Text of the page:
The Home LOLfense

ST. PETERSBURG, FL - JULY 01: Outfielder Matt Joyce #20 of the Tampa Bay Rays is congratulated after his home run against the St. Louis Cardinals during the game at Tropicana Field on July 1, 2011 in St. Petersburg, Florida. (Photo by J. Meric/Getty Images)


As Mr. Sternfan continually reminds us in each home game recap, this team can't hit at home. His influence knows no bounds because during the broadcast last night, Dewayne Staats and Brian Anderson spent time pointing out how each of the batters were not hitting at home as well.

I have sat in on ten or so of the pre and post-game chats that Joe Maddon does with the media and each time, the topic of the home offense struggles comes up. Tropicana Field is the worst run environment in baseball this season according to ESPN's park factors, which should come as no surprise to anyone that has watched games at Tropicana Field this season. There have been 45 complete game shutouts in baseball this season and four of them have taken place at Tropicana Field with two thrown by the good guys and two by the opposition. The Rays have played 40 home games at this point in 2011 giving us 80 instances of starting pitchers taking the mound at 1 Tropicana Place and of those 80 instances, 43 have involved a starting pitcher giving up two or less runs while throwing at least five innings.

Maddon is as puzzled as anyone on why the team struggles to hit at home.

"It's perplexing. I honestly don't have any good answers. We just do not swing the bats as well here as a group. I don't know exactly where to look for the answer right now, but we have to figure it out because we must play better at home."

Sam Fuld is the only player to really speculate as to why the team struggles at home.

"My experience here is that this is not an easy place to hit. The ball doesn't travel too well. Even the infield, you would think with the turf, it would be a little faster. But it's soft and not a lot of balls get through. I think that's part of it"

The opposition does not seem to have any trouble hitting at Tropicana Field as they have scored at least five runs in 14 of the 40 games played in St. Petersburg this season while the Rays have only reached that benchmark in ten contests so far. Believe it or not, the Rays are not the worst home offense in baseball as it relates to wOBA. The Pirates, Padres, Dodgers, Giants, Mariners, and Angels all rank lower than the Rays but that does not lessen the sting any while watching the lolfense struggle at a laughable level this season.

The chart below shows how each of the returning 2010 Rays have hit at home this season, last season, as well as across both seasons.

Home_medium

The top of the chart is quite telling as the Rays' team BABIP is 44 points below their efforts last season. How much of that is the luck dragons or how much of that is the drop-off in offensive talent with the losses of Carl Crawford, Carlos Pena, and Jason Bartlett is up for debate, but  that is a sharp decline. The team on base percentage is down 32 points and the team batting average is down 22 points while the slugging percentage and isolated power scores are higher despite the loss of power hitters. Lastly, for all of the noise made about the Rays walking less, they still have a double-digit walk rate at home and have cut down on their strikeout rate a bit, but that is where you can see the Magic of Kotchman in effect as he makes much more contact than Pena did.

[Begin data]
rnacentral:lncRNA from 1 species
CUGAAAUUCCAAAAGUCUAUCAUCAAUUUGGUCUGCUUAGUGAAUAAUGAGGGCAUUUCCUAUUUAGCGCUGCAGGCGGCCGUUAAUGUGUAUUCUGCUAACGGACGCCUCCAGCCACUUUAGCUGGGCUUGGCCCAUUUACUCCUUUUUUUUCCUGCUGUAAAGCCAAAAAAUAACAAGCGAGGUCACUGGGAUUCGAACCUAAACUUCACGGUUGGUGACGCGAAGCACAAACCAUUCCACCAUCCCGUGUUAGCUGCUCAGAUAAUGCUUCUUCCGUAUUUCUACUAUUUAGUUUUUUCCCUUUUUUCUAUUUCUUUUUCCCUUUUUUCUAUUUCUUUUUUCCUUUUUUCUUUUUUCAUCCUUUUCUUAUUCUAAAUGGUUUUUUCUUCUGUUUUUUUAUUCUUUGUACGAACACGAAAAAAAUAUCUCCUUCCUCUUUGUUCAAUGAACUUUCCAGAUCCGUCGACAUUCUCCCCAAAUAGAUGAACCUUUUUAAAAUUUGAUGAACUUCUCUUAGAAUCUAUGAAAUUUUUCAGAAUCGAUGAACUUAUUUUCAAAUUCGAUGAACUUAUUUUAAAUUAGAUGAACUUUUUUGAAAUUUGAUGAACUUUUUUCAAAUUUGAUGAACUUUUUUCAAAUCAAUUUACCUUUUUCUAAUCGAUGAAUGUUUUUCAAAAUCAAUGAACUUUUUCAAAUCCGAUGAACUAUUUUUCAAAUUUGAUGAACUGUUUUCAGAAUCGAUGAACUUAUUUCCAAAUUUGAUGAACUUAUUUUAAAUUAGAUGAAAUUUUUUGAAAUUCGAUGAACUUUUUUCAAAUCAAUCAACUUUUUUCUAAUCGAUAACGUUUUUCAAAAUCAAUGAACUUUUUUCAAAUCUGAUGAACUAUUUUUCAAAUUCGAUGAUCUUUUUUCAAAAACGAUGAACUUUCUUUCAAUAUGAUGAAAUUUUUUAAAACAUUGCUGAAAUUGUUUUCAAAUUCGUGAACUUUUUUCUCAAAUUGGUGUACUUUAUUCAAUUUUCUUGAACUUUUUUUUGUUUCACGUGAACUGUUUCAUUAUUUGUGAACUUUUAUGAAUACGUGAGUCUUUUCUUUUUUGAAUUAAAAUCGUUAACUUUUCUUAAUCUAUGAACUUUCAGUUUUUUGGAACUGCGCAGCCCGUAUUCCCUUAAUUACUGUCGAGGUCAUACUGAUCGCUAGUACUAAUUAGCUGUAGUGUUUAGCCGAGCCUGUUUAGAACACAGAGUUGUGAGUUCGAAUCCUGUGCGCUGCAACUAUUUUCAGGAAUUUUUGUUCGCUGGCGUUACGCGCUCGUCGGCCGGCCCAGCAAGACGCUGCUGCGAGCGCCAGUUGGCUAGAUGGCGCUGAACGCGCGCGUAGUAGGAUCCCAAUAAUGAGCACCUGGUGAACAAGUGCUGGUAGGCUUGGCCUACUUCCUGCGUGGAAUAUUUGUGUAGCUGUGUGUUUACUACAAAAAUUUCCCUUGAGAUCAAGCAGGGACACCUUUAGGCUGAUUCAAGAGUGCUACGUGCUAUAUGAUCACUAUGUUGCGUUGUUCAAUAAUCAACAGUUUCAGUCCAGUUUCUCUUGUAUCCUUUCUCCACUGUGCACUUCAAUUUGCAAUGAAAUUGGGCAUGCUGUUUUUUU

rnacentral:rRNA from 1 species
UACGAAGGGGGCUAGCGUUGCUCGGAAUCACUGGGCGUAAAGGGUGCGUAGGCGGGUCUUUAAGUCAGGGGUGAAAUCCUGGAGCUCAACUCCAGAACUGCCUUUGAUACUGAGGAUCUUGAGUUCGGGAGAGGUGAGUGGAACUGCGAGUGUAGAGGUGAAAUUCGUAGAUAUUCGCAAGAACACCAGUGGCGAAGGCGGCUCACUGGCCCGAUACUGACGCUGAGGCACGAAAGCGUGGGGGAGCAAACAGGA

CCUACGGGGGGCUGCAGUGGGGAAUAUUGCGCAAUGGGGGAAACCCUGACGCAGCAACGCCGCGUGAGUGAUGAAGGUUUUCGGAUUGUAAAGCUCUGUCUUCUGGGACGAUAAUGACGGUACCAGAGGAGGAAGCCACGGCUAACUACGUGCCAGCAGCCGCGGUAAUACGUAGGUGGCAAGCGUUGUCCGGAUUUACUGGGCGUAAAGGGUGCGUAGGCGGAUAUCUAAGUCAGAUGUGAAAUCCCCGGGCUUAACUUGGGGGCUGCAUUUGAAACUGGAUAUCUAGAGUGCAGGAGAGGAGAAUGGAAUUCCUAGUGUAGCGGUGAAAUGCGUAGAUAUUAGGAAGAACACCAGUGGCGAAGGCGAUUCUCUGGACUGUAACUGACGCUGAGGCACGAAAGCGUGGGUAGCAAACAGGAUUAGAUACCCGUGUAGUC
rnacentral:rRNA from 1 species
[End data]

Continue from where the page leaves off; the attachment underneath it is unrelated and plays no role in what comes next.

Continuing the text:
At the player level, the results vary rather greatly. Brignac has nearly identical peripherals to lat season but the drop in his power has been dramatic. Jaso's troubles come around not walking as much this season over last year which is a combination of both being a bit less disciplined and pitchers realizing Jaso does not have the type of power that necessitates avoiding the strike zone. Joyce already has more plate appearances this season at home than he did all of last season and has been the one returning player who has seen his production improve over last season. He too has cut down on his walks, but also cut down on his strikeouts and has had no problem hitting for power.Rodriguez is up there with Joyce, but only in terms of hitting for power.

As much as Joyce has improved at home so far, Longoria has regressed. He was a very potent home hitter last season but this year, it is a different story. His walk rate and contact rates are right in line with last season, but the power has dropped off and his BABIP is down 166 points from last season. One has to hope that levels off in the second half. Shoppach was intolerable at home last season and it is even worse this year in the small sample size and right behind him is Upton. Upton's home strikeout rate has gotten worse this season and even when he does put balls in play, they are rarely landing safely given that his BABIP has dropped 135 points from last season.

The only consistent player has been Ben Zobrist. His BABIP is nearly identical to last season, and his batting average and on base percentage are as well. He is hitting for more power at home this year thanks to all of the doubles but you can see a bit more aggressiveness with his walks a bit down and his strikeouts a bit up.

There is no way to polish the turd that is a .223/.302/.394 home slash line, but it is hard to imagine this team continuing to struggle at home for the entire season. They've shown an ability to hit in this ballpark before but the small sample size noise right now is frustrating to everyone from the front office to the field staff to the players and to the fans. Hopefully, there is an end coming to it sooner rather than later whether it come from sacrificing live chickens, appeasing the luck dragons, or changes to the roster.

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